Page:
But industry officials who advocate waterway transport said barges are the safest, and cheapest, way to move the wastewater. They counter that other industrial materials, some toxic, are already moved on barges and question why the drilling industry should be treated differently.
The Coast Guard plans to publish its proposal on transporting wastewater in the Federal Register. Then, the public and the industry will have an opportunity to weigh in.
But there has already been confusion at inland ports in Pittsburgh, West Virginia and Ohio about the issue.
John Jack, vice president of business development and operations for GreenHunter Water, a company that handles wastewater for major oil and gas companies, said "nobody told us that we couldn't" move shale wastewater by barge.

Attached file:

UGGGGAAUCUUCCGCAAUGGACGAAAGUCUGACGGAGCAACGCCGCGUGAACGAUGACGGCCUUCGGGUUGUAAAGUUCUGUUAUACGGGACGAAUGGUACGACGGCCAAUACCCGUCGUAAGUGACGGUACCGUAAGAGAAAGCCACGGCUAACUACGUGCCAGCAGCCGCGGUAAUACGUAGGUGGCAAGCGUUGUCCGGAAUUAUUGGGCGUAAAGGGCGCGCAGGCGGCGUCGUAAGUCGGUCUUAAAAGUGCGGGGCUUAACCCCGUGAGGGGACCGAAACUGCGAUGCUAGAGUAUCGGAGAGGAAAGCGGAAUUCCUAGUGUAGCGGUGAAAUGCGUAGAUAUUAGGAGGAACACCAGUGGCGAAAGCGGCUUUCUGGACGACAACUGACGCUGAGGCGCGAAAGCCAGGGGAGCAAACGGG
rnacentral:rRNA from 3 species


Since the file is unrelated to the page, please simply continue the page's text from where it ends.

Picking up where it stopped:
GreenHunter had planned to start using barges before the end of the year because they believed the process was allowed, Jack said.
James McCarville, executive director of the Port of Pittsburgh Commission, an agency that advocates for waterway transport, said using barges is a good idea. "The more that it can be moved on waterways, the less wear and tear of roads," he said, adding that barges also produce less air pollution than trucks.